Just 4 weeks pregnant!


                                                                 Just 4 weeks pregnant!

Please, please don’t get me wrong here. I was and AM unbelievably grateful to have been able to get pregnant and deliver a healthy, happy baby. My darling Phoebe is a blessing from God and I am thankful for her and for the experience of being pregnant. Despite this, and I never forgot it during pregnancy, I guess I just got overwhelmed by all the crazy, flipping HORMONES raging a riot round my body. I was a complete mess. That is not an understatement. It seemed like from the moment that faint little line appeared on that purple pee stick, someone took a bicycle pump, stuck it into me and began to pump me up. Instantly, my face, hands and feet began to swell. I had to tell my co-workers I was pregnant really early as I began to show in my work clothes and felt nauseated for a good part of the day, every day during the first trimester.

My body began to change rapidly before my eyes and I knew I was quickly losing control. I constantly felt nauseated and the only thing that eased it (ironically of course!) was eating. And it didn’t matter what. When the feeling came over me, I had to move fast … and eat! I distinctly remember one day coming home from school and my husband was standing making the tea. Suddenly the nausea came and I searched frantically for some sort of snack to eat. On this occasion the only thing I could seem to find was baked beans. I cracked open the lid and just as I dunked in my spoon, my poor husband exclaimed, ‘the tea is literally 10 minutes away Steph! What are you doing?!’ Most of you mummies and mums-to-be reading will totally relate to my response, ‘YOU DON’T UNDERSTAND!’ I wailed and shoved the whole spoonful into my mouth – followed by the rest of the tin. And yes … they were cold! (Another thing my husband just can’t understand!!)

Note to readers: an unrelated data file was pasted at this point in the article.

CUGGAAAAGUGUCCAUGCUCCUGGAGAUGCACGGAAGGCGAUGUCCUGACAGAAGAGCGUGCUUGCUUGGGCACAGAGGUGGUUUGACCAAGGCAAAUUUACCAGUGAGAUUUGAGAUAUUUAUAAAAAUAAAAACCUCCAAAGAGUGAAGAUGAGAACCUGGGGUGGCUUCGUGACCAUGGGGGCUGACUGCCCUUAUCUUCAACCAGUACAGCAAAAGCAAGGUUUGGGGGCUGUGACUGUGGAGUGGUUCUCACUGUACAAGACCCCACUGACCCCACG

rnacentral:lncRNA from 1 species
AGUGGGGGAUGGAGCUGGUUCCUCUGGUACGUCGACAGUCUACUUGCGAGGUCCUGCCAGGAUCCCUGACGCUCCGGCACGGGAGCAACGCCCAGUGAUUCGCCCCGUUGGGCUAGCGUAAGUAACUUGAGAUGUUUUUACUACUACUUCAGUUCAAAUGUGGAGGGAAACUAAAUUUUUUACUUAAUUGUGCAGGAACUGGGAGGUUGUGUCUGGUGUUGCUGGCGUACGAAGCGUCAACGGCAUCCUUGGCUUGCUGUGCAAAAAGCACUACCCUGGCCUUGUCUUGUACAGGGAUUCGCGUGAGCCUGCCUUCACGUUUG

I can only apologise at this point, because it seems that this blog post is going the same way as my Labour Blog, sorry … 5 part SERIES!! Stay tuned for more on my inability to cope as my body grew bigger, a heartbreaking but important few months with my husband and a post-partum body shock! 

                                                                               10 weeks preggers!

                                                                               10 weeks preggers!